Barbara–I’m right there with you on the writing in my head. I finally created a Word file named Conversations, Characters, Ideas and will string them together one of these days. In the meantime I have this poem within screen view at all times:

      By Billy Collins

      Even if it keeps you up all night,
      wash down the walls and scrub the floor
      of your study before composing a syllable.

      Clean the place as if the Pope were on his way.
      Spotlessness is the niece of inspiration.

      The more you clean, the more brilliant
      your writing will be, so do not hesitate to take
      to the open fields to scour the undersides
      of rocks or swab in the dark forest
      upper branches, nests full of eggs.

      When you find your way back home
      and stow the sponges and brushes under the sink,
      you will behold in the light of dawn
      the immaculate altar of your desk
      a clean surface in the middle of a clean world.

      From a small vase, sparking blue, lift
      a yellow pencil, the sharpest of the bouquet,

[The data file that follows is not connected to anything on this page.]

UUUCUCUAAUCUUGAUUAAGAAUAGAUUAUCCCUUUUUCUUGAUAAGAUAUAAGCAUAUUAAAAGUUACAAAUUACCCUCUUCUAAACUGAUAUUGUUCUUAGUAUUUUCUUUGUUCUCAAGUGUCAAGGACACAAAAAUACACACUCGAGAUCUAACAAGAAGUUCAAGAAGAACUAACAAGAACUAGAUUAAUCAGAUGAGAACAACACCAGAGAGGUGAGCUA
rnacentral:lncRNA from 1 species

and cover pages with tiny sentences
      like long rows of devoted ants
      that followed you in from the woods.

      • Barbara Keller says

        I love that. I’m not sure I get it. Yes to clean the world, or no? I couldn’t tell, but I loved every word. Thanks,

    • Diana says

      I relate so much to your piece. I find that my the time I have quiet time to write, I am so tired I can’t put pen to paper so unwritten prose swirls in my head. Glad to know I am not alone. Didn’t a famous writer say the hardest thing about writing is writing?

      • Barbara Keller says

        I don’t know if someone said it, but I do agree. I have it all done, I just have to put it down somewhere before I forget it in the crowd of new ideas written in my head.

  2. Ritc h Brinkley says

    I’m burning to appeal to all the former English teachers, editors, and proofreaders to note someone as learned as Thoreau used a proposition (with) to end a sentence. My literary blood curdles each day as I hear people on